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Election Results: When will Minnesota’s ballots be counted by?

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So far, this series of explainers has visited the swing states of Arizona, Michigan, Pennsylvania, and Wisconsin—looking at when each might release their election results. Now let’s visit the Land of 10,000 Lakes: Minnesota.

For an explanation about the difference between mail-in and absentee ballots, check out this piece here by Ben Wilson: The Difference Between Absentee and Mail-In Ballots.

Minnesota has been one of the most consistently Democratic states in the country. Like Michigan and Wisconsin, Minnesota forms part of the Democrats’ traditional “Blue Wall” of support in the Great Lakes region. The last time it voted for a Republican was for then-incumbent President Richard Nixon in 1972. In 1984, it and the District of Columbia were the only parts of the country to give the Democratic nominee, former Vice President Walter Mondale electoral votes. However, all that could change in a couple weeks.

Former Secretary of State Hillary Clinton won the state by a razor-thin 1.5-point margin in 2016, a 44,593-vote difference between her and then-GOP nominee Trump. That’s a far cry from 2012, when then-President Barack Obama won the state by 8 points.

All of that being said, there’s a ton of pressure on humble Minnesota.

To prevent a backlog of ballots to count on Election Day, election workers have already begun counting absentee ballots. 60% of the requested absentee ballots in Ramsey County—where St. Paul is situated—have already been returned, CBS News 4 WCCO reports. So far, over 900,000 Minnesotans have voted.

How the ballot counting process works, according to deputy auditor Heather Bestler, is: “The ballots are scanned, the machine reads them and stores the information. Then, at 8 p.m. on election night, we hit tabulate. And that’s when we get all the results.”

According to the same WCCO report by Christiane Cordero, Minnesota Secretary of State Steve Simon, the state’s head of elections, has said that the state is in a relatively good position to turn in results quickly.

One thing to keep in mind is that a state court and Simon agreed to allow ballots to be counted that are postmarked on Election Day and received by clerks up to seven days afterward, in anticipation of the U.S. Postal Service being weighed down with ballots.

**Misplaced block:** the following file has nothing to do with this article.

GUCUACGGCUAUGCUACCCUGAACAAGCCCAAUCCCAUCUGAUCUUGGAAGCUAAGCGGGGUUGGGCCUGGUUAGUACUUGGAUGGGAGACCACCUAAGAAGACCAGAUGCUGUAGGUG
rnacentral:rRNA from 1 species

All things considered, most of the results could likely be released within the two weeks following November 3, assuming that things go as planned.

You can follow Douglas Braff on Twitter @Douglas_P_Braff.

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PJ Media report: SHOCKER! WaPo Update About Mar-A-Lago Raid Doesn’t Fit the Narrative

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PJ Media’s Kevin Downey Jr. has dissected a Washington Post report regarding findings from the raid of former President Donald Trump’s Mar-a-Lago estate. “Shocker! WaPo Update About Mar-A-Lag0 Raid Doesn’t Fit the Narrative” Downey Jr.’s report is titled.

“Remember when the FBI raided Trump’s home supposedly looking for “nuclear secrets” a few months back? Guess how that turned out?” the article begins.

I’ll let the quislings at the Washinton Post spell it out:

Federal agents and prosecutors have come to believe former president Donald Trump’s motive for allegedly taking and keeping classified documents was largely his ego and a desire to hold on to the materials as trophies or mementos, according to people familiar with the matter.

In other words, Trump was keeping souvenirs, as everyone else does.

Funny how WaPo sat on that story until after the midterms, right?

But wait, there’s more!

That review has not found any apparent business advantage to the types of classified information in Trump’s possession, these people said. FBI interviews with witnesses so far, they said, also do not point to any nefarious effort by Trump to leverage, sell or use the government secrets. Instead, the former president seemed motivated by a more basic desire not to give up what he believed was his property, these people said.

The WaPo also found no evidence that Trump was looking to “leverage, sell or use the government secrets.”

They threw the idea in near the very end that they still might come up with something juicy:

The people familiar with the matter cautioned that the investigation is ongoing, that no final determinations have been made, and that it is possible additional information could emerge that changes investigators’ understanding of Trump’s motivations. But they said the evidence collected over a period of months indicates the primary explanation for potentially criminal conduct was Trump’s ego and intransigence.

Continue Reading: PJ Media

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